Extended Call Center hours for STAR questions
Our STAR Call Center will be open extended hours this week to assist homeowners with questions about their STAR benefit.
STAR hours: Call Center Representatives will be available weekdays until 6:30 p.m. and Saturday from 8:30 a.m. to 4:30 p.m. See Property Tax Information Center for more information.
Important information for STAR exemption recipients
If your income is greater than $250,000 and less than or equal to $500,000
If you currently receive the Basic STAR exemption and your income is between $250,000 and $500,000, the program is changing for you. If eligible, you will now receive a check for the STAR credit instead of the reduction on your school tax bill.
If you receive a letter asking you to update your STAR registration (Form RP-425-RDM), see Update registration.
If your income is $250,000 or less
If you currently receive the STAR exemption, you can choose to register for the STAR credit to receive a check instead; you may receive a greater benefit. See Register for the STAR credit to make the switch.
The School Tax Relief (STAR) program provides eligible homeowners in New York State with relief on their property taxes.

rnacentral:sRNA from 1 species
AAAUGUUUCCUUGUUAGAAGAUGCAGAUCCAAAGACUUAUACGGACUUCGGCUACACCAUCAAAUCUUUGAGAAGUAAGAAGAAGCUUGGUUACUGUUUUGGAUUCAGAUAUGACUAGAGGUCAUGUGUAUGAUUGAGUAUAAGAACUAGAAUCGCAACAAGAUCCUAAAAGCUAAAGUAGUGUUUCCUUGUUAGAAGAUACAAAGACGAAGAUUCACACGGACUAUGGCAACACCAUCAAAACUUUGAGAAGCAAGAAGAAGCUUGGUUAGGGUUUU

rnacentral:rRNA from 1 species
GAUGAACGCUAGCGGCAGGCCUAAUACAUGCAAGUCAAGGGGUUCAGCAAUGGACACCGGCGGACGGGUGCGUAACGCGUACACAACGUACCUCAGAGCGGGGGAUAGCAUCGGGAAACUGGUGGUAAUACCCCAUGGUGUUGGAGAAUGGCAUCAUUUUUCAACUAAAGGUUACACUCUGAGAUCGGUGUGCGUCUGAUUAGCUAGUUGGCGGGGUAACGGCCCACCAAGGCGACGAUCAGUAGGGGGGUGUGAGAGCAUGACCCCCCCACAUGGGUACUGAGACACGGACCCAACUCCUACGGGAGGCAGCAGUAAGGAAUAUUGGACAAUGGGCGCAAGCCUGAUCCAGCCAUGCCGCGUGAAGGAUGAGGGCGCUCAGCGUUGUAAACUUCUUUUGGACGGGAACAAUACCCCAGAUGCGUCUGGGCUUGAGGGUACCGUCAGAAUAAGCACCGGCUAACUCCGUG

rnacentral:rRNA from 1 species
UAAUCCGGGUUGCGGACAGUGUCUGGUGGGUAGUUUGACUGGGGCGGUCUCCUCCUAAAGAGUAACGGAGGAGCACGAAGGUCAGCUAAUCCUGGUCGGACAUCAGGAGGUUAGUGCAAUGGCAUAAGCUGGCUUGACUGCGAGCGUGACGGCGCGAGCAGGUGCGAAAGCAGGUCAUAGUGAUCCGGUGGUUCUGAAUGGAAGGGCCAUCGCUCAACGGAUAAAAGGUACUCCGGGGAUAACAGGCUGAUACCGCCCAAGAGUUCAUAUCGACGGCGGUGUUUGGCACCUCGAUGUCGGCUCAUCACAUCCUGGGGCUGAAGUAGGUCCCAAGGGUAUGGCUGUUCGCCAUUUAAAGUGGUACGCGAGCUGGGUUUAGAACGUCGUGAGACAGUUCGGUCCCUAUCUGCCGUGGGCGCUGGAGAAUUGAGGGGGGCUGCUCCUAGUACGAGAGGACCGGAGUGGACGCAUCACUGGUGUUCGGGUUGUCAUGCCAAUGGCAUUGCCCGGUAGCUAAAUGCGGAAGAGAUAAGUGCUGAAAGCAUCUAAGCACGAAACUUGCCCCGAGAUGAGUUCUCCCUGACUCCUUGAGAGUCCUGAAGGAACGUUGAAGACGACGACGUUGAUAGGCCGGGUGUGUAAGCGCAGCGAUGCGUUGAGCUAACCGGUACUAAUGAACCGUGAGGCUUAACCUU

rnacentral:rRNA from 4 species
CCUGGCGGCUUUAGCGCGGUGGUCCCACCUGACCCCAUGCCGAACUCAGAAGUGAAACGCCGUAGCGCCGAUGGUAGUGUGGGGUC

If you're a STAR recipient, you receive the benefit in one of two ways:
- the STAR credit program (open to any eligible
homeowner whose income is $500,000 or less)—you receive a check in
the mail from the Tax Department to apply to your school
- the STAR exemption program (now closed to new applicants)—you receive a direct reduction on your school tax bill in the form of a property tax exemption
Enhanced STAR, which provides increased savings, is available to qualifying senior citizens ages 65 and older in both the credit and exemption programs; see STAR eligibility.
Due to recent changes in the law, beginning this year, the income limit for the Basic STAR exemption is now $250,000.
We are sending letters to homeowners who are impacted by this change and registering them for the STAR credit.
What to do next
If your income is greater than $250,000 and less than or equal to $500,000
Most homeowners will not need to take additional action. The letter they receive (Form RP-425-RDS) confirms that, as long as they are eligible, we will issue their STAR credit check before their 2019-2020 school taxes are due.
However, some homeowners must provide additional information before we can issue a check for the STAR credit. These individuals will receive a letter (Form RP-425-RDM) explaining how to update their registration. After we confirm their eligibility, we will issue their STAR credit check.
If your income is $250,000 or less